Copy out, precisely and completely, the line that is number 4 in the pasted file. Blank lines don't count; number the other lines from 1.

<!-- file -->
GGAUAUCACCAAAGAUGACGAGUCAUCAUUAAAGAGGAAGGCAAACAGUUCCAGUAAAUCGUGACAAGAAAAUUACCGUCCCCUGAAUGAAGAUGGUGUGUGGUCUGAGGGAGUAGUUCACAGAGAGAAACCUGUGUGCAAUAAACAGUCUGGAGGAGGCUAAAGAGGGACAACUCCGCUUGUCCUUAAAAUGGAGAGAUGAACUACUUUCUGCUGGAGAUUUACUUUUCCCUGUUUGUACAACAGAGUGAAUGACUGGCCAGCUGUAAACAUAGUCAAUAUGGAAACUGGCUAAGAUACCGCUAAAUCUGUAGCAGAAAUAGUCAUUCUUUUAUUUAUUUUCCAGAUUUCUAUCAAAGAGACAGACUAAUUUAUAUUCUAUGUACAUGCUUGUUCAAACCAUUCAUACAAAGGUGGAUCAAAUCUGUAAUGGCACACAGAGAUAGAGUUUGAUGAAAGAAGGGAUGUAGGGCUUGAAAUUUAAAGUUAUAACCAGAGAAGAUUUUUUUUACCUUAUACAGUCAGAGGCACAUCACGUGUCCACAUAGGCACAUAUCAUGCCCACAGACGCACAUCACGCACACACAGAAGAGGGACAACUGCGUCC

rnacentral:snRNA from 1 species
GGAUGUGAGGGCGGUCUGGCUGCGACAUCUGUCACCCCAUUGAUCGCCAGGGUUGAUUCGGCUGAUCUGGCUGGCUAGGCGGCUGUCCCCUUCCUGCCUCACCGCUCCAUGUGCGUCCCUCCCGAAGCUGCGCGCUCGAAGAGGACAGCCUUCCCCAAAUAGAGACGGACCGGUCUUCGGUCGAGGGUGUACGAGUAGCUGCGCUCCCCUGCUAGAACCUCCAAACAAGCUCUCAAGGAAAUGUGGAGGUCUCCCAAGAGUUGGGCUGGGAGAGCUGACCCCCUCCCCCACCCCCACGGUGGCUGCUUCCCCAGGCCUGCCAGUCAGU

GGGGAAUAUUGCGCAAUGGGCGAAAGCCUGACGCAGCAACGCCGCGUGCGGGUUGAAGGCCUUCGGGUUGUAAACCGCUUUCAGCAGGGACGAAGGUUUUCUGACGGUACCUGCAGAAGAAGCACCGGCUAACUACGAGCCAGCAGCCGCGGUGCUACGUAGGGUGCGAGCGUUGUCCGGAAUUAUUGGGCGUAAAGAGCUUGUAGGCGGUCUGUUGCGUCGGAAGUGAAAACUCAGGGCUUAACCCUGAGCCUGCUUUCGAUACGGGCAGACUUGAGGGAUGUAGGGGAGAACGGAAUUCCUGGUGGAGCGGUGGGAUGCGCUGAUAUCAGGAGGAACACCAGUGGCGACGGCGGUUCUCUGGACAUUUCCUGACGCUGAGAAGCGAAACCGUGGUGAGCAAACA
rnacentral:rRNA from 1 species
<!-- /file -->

GGGGAAUAUUGCGCAAUGGGCGAAAGCCUGACGCAGCAACGCCGCGUGCGGGUUGAAGGCCUUCGGGUUGUAAACCGCUUUCAGCAGGGACGAAGGUUUUCUGACGGUACCUGCAGAAGAAGCACCGGCUAACUACGAGCCAGCAGCCGCGGUGCUACGUAGGGUGCGAGCGUUGUCCGGAAUUAUUGGGCGUAAAGAGCUUGUAGGCGGUCUGUUGCGUCGGAAGUGAAAACUCAGGGCUUAACCCUGAGCCUGCUUUCGAUACGGGCAGACUUGAGGGAUGUAGGGGAGAACGGAAUUCCUGGUGGAGCGGUGGGAUGCGCUGAUAUCAGGAGGAACACCAGUGGCGACGGCGGUUCUCUGGACAUUUCCUGACGCUGAGAAGCGAAACCGUGGUGAGCAAACA